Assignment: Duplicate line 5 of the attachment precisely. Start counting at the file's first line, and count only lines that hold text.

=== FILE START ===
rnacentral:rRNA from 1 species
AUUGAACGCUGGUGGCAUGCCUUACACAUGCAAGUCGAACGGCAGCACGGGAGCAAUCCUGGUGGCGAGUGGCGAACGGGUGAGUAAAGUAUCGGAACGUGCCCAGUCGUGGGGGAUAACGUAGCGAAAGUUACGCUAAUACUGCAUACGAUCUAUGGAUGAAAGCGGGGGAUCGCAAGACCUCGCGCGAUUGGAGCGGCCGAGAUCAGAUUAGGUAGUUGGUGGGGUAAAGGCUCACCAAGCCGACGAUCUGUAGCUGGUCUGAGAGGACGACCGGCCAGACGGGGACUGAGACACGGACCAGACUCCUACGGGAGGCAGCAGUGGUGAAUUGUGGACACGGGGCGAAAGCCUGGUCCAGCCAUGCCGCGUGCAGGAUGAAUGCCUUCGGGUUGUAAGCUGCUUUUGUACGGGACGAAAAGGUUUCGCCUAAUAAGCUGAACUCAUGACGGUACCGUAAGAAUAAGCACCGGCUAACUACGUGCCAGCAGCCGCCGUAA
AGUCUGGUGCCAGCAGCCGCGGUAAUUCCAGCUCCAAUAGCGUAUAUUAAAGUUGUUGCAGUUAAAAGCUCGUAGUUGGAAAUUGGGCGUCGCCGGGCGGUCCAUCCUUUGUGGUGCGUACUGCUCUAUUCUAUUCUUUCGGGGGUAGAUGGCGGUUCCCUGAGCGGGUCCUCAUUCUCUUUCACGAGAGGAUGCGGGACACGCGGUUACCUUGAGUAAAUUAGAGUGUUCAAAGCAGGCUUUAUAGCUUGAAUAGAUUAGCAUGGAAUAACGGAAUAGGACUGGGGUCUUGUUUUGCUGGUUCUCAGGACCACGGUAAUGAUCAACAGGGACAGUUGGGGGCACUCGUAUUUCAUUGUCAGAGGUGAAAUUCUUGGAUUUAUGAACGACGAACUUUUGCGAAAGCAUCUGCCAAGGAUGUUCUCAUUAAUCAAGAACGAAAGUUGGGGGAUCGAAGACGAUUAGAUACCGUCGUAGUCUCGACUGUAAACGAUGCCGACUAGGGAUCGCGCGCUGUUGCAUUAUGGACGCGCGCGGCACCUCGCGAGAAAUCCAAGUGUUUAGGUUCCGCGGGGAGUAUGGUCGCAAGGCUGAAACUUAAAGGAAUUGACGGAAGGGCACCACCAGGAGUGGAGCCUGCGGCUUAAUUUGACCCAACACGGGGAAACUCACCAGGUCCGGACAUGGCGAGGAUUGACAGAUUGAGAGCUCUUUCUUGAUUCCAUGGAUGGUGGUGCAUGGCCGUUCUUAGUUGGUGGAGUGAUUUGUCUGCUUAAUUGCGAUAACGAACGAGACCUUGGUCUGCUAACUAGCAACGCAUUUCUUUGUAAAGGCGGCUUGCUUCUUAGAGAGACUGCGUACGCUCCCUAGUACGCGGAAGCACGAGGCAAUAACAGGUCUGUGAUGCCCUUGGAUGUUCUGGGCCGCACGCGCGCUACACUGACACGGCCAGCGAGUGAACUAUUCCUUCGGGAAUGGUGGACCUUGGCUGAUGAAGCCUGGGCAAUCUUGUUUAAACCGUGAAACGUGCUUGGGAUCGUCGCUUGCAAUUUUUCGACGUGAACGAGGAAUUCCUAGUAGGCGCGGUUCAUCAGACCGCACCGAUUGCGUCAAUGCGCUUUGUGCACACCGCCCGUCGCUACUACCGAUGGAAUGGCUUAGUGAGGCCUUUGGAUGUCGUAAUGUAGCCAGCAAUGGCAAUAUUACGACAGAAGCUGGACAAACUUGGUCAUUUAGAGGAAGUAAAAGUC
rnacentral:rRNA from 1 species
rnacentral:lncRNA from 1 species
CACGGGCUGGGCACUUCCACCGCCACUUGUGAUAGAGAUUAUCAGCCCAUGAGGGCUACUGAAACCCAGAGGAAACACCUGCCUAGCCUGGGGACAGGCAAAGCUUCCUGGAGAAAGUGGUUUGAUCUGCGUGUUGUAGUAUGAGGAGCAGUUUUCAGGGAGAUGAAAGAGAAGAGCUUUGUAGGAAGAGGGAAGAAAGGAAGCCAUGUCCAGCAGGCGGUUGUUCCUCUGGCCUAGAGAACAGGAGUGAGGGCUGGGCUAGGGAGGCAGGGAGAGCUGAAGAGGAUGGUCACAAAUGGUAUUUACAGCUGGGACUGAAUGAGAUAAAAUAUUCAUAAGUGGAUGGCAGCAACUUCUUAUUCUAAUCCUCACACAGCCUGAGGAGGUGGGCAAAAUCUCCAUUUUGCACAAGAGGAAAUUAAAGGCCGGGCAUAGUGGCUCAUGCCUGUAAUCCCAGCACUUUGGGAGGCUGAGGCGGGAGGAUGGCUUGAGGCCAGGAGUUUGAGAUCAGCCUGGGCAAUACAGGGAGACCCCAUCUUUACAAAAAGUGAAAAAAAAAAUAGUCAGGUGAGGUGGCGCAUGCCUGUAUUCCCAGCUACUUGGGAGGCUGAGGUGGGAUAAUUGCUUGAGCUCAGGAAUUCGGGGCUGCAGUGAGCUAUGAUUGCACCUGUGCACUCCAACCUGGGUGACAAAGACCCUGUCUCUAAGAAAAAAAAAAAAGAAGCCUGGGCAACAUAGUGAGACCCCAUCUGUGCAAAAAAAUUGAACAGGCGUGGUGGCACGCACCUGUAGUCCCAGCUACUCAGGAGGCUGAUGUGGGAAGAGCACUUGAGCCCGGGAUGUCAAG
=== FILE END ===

rnacentral:lncRNA from 1 species